The dynamic spatiality and capacity of civic environmental stewardship: analyzing New York City STEW-MAP data with a temporal lens

Authors: Michelle Johnson*, U.S. Forest Service, Lindsay Campbell, U.S. Forest Service, Erika Svendsen, U.S. Forest Service
Topics: Human-Environment Geography, Temporal GIS, Sustainability Science
Keywords: stewardship, temporal, networks, organization, environmental governance
Session Type: Paper
Day: 4/11/2018
Start / End Time: 1:20 PM / 3:00 PM
Room: Napoleon A3, Sheraton, 3rd Floor
Presentation File: No File Uploaded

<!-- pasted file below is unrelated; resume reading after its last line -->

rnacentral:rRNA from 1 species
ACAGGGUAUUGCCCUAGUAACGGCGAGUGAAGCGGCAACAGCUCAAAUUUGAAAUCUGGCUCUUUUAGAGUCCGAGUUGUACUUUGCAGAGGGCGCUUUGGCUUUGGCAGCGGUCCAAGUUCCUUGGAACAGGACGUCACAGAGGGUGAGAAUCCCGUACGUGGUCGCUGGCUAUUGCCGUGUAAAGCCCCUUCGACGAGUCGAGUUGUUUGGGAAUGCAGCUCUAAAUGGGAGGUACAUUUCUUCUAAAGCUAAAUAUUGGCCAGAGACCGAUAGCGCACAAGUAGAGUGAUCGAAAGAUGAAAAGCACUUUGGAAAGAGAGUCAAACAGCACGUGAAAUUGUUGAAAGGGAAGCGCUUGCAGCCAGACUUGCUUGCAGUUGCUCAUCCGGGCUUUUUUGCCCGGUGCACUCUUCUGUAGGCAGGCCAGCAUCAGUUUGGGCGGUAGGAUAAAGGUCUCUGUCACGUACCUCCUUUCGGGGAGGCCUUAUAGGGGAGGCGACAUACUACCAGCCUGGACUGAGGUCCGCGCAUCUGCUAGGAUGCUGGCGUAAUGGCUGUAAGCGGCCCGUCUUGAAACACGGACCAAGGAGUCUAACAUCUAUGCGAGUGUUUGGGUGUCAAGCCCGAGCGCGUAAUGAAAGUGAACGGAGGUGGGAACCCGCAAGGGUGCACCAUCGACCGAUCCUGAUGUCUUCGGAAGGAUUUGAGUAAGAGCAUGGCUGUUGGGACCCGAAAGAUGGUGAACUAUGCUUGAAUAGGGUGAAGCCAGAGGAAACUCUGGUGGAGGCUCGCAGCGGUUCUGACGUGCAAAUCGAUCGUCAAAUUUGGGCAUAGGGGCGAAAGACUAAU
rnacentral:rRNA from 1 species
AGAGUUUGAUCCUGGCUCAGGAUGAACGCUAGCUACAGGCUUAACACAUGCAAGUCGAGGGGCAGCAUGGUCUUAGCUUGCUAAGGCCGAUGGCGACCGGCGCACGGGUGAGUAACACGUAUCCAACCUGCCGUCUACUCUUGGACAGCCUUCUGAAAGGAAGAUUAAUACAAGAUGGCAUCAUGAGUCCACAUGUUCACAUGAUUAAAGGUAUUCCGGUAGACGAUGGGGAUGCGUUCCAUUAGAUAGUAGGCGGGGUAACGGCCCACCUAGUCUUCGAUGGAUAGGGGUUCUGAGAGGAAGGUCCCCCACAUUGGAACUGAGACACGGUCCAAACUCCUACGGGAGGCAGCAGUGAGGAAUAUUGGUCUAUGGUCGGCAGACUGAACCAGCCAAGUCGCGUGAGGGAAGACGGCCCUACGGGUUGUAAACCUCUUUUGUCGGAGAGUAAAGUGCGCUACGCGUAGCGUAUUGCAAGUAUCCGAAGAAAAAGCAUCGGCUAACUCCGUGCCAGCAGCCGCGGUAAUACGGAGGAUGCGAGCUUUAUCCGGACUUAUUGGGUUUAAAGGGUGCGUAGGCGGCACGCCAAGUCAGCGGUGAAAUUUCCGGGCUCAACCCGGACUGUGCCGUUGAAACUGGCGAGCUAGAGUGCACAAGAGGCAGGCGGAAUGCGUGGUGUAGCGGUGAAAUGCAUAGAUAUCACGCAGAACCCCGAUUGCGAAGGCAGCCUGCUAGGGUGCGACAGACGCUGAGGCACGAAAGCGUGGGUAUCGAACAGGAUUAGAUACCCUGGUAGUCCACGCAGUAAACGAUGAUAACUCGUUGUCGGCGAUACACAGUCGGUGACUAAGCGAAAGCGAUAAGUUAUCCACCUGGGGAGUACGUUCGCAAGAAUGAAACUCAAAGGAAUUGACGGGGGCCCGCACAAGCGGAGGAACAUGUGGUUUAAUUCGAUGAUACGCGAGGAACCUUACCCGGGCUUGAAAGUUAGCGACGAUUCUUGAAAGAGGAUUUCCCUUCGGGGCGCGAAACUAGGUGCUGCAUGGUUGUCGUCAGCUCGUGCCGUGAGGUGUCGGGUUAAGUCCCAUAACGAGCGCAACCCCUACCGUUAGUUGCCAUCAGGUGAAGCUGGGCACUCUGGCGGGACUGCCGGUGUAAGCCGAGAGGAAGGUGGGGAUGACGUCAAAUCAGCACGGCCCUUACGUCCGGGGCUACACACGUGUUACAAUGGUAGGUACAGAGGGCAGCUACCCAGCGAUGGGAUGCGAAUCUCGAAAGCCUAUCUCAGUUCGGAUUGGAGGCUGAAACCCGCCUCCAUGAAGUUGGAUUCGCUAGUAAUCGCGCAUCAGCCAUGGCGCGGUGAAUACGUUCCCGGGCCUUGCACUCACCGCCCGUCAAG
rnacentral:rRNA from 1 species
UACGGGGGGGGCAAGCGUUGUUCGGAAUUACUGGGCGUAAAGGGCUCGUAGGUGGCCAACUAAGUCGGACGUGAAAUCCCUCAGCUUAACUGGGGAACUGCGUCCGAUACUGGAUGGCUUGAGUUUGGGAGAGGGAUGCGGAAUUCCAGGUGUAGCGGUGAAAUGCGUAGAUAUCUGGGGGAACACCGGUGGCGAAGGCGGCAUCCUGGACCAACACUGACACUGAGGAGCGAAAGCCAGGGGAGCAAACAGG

Understanding civic environmental stewardship is an emerging field of research in geography, sociology, and urban studies. Stewardship organizations can assist, enable, influence, and enact actions that alter the social-ecological landscape found in cities and regions. Only recently has extensive, longitudinal data collection enabled analysis of changes in civic group structure, networks, and area of influence. Such analyses can offer insights into group and network growth, stability, and retreat across space, which has implications for environmental governance. This paper examines recent New York City Stewardship Mapping and Assessment Project (STEW-MAP) data from 2017 and compares it against a previous 2007 dataset. We apply a case study approach to examining individual organizations, their ego networks, and spatial areas of influence, or turfs. Organizational cases selected responded to the survey both in 2007 and 2017; we selected a set of cases that varied by group age, stewardship emphasis, and turf size. From these data, we find evidence of a dynamic landscape of civic activity, with many groups growing in network influence, spatial extent, and professionalization, while fewer groups stayed static or ceased to exist. We also find differences in group mission over time, indicating an evolution of purpose and approach. We identify and explore different drivers of change that influence civic stewardship groups, including changes in municipal sustainability policies, acute shocks, and chronic stresses. We conclude by raising questions around stewardship capacity and the relationship of group influence to the issues of a particular time and place

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